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Where Africa and Technology Collide!

Tag: laptop

Negroponte on the New (lowercase): olpc

Nicholas Negroponte comes up on stage at TED and tells us that, due to the OLPC, there’s a whole new product line: Netbooks. However, they copied all the wrong things. Next thing you know there are a couple being thrown around the stage, and he’s asking us how well a netbook would stand up to that, or being submerged in water, or being sent to Africa…

My question is about how well an OLPC works when you just open it up…? 🙂

“Commercial markets will do anything they can to stop you, even when you’re non-profit, even if you’re a humanitarian organization.”

Now we want to build something that everybody copies. Go from the OLPC to the olpc (lowercase). That’s what’s going to happen over the next 3 years. Open source hardware: where you publish all the specs and all the designs so that anyone can copy it.

In a side conversation with Ethan Zuckerman here, this is what they should have done 3 years ago, and it would have saved them a lot of heartache.

Cameron Sinclair adds via Twitter, “OLPC to be open sourced. email nn@MIT.edu with ideas about olpc. I suggest adding SketchUp and making it o.l.p.innovator”

Dell’s Africa Inspired Art Laptops

You can now buy your Dell computer with customized African artwork. It’s all part of the Product (RED) campaign to support the fight against AIDS. My favorite is the mapping one (for obvious reasons).

More on these two designs:

Dell African Design: Shine Within

Shine Within (map): Award-winning artist Siobhan Gunning was born in Mombasa, East Africa and has had the opportunity to visit many of the unique locations in Africa, like the Great Rift Valley, the Serengeti Plains, the Ngoro Ngoro Crater, and even traveling up the Nile to its source. During these travels she has been privileged to observe wildlife in their native habitat and visit with tribes like the Masai and Samburu. Currently residing in KwaZulu-Natal, South Africa, Gunning combines her passion for Africa with her life experiences and her love of art, design and photography, creating digital collages that often result in “happy accidents” that bring her joy.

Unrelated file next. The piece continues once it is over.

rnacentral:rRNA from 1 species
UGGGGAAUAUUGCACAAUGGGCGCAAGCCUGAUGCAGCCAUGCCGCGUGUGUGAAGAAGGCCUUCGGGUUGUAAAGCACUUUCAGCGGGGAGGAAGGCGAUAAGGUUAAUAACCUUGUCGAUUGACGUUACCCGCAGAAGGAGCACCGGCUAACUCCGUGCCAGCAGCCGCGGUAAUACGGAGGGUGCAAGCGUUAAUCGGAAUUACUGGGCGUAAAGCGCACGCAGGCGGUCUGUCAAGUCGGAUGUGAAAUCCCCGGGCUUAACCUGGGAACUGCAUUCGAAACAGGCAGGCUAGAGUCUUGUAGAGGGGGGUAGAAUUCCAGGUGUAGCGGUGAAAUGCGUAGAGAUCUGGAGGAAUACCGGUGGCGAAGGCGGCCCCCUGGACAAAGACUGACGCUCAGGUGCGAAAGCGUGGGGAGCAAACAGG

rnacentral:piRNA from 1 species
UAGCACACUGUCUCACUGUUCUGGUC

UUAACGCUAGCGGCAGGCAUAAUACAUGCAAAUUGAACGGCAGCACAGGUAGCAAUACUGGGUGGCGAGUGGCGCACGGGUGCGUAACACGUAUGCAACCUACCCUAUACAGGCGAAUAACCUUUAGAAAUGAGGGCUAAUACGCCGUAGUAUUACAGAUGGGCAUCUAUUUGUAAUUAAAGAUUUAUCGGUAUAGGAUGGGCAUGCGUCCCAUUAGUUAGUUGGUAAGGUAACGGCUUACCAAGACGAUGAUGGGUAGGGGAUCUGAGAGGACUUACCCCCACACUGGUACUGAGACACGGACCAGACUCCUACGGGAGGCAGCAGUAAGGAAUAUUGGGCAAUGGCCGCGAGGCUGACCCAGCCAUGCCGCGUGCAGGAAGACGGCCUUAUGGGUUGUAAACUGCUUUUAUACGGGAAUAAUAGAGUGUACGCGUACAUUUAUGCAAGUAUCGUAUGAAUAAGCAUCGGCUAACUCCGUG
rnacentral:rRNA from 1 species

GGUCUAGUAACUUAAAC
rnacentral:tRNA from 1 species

Dell African Design: New World

New World (tribal): African artist Joseph Amedokpo resides in the town of Vogan, Togo (West Africa) with his wife and five children. He supports his family through painting, using locally produced oils he blends by hand, on canvases made from recycled flour sacks. While painting, Amedokpo chats with frequent visitors and listens to a short wave radio, gaining a global perspective on peoples’ failures and weakness, as well at their core strength and hope, which is reflected in his art.

Open Source Rifts at the OLPC

An article over at Ostatic blog about the escalating open source wars at the OLPC got me thinking again about this project. In general, I’m a big proponent of using OS in the OLPC and hate where this fight is taking things. Why do I even like the OLPC? Well, it has something to do with this quote:

It should be noted that the point of the laptop project was not to give children access to the Internet, or to word processors, or even so that they could learn to touch-type. The idea was to provide children with an open-ended system with which they could tinker and explore — and through that exploration, learn. Papert long referred to computers as “the children’s machine,” because it offers children the chance to learn by creating and sharing, two key elements of Papert’s educational theory known as “constructionism.”

At the end of the day, I just want more computers in the hands of kids in Africa. It’s only by younger generations gaining access to technology that we see major change happen.

Of course, this begs the question about mobile phones. Is it possible to program for mobile phones on mobile phones? If so, maybe we can skip some of this PC paradigm altogether…

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